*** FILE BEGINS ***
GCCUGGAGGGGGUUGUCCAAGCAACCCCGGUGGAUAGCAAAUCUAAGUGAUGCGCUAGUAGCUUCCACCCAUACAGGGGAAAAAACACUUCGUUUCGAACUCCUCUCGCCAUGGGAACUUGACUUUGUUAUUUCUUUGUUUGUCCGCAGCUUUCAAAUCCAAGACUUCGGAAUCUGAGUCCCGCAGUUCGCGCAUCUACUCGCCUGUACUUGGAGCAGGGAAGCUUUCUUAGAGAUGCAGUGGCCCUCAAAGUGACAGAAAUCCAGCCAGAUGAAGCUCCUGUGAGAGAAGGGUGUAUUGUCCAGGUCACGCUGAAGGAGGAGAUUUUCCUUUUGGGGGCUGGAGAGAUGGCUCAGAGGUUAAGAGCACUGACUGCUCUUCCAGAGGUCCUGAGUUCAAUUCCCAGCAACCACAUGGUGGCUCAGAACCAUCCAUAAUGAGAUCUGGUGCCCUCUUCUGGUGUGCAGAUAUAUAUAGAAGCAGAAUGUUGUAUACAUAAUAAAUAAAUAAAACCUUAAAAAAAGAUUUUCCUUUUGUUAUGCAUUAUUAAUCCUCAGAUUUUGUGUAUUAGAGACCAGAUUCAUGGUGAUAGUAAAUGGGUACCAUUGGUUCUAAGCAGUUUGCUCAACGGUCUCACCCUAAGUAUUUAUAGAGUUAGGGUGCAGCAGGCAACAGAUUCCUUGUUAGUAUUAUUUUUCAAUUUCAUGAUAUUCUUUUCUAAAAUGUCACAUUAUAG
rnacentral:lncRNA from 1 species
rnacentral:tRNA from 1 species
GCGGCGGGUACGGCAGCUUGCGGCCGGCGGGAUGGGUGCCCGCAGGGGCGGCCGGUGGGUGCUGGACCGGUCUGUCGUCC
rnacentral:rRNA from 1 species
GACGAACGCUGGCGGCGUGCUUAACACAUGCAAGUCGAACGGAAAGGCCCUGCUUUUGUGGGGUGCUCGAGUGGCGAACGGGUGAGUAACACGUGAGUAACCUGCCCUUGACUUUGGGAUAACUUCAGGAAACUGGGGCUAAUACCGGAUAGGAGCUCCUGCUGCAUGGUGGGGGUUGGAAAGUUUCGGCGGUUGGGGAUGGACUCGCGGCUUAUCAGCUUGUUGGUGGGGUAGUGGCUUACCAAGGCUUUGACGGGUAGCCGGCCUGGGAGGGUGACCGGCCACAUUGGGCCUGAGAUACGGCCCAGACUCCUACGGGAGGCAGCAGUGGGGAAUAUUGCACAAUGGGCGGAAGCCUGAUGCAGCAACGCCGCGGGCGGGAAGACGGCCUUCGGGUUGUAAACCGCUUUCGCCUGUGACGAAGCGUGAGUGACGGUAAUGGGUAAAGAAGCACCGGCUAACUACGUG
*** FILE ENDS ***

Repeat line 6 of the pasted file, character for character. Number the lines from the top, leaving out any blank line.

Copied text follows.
GACGAACGCUGGCGGCGUGCUUAACACAUGCAAGUCGAACGGAAAGGCCCUGCUUUUGUGGGGUGCUCGAGUGGCGAACGGGUGAGUAACACGUGAGUAACCUGCCCUUGACUUUGGGAUAACUUCAGGAAACUGGGGCUAAUACCGGAUAGGAGCUCCUGCUGCAUGGUGGGGGUUGGAAAGUUUCGGCGGUUGGGGAUGGACUCGCGGCUUAUCAGCUUGUUGGUGGGGUAGUGGCUUACCAAGGCUUUGACGGGUAGCCGGCCUGGGAGGGUGACCGGCCACAUUGGGCCUGAGAUACGGCCCAGACUCCUACGGGAGGCAGCAGUGGGGAAUAUUGCACAAUGGGCGGAAGCCUGAUGCAGCAACGCCGCGGGCGGGAAGACGGCCUUCGGGUUGUAAACCGCUUUCGCCUGUGACGAAGCGUGAGUGACGGUAAUGGGUAAAGAAGCACCGGCUAACUACGUG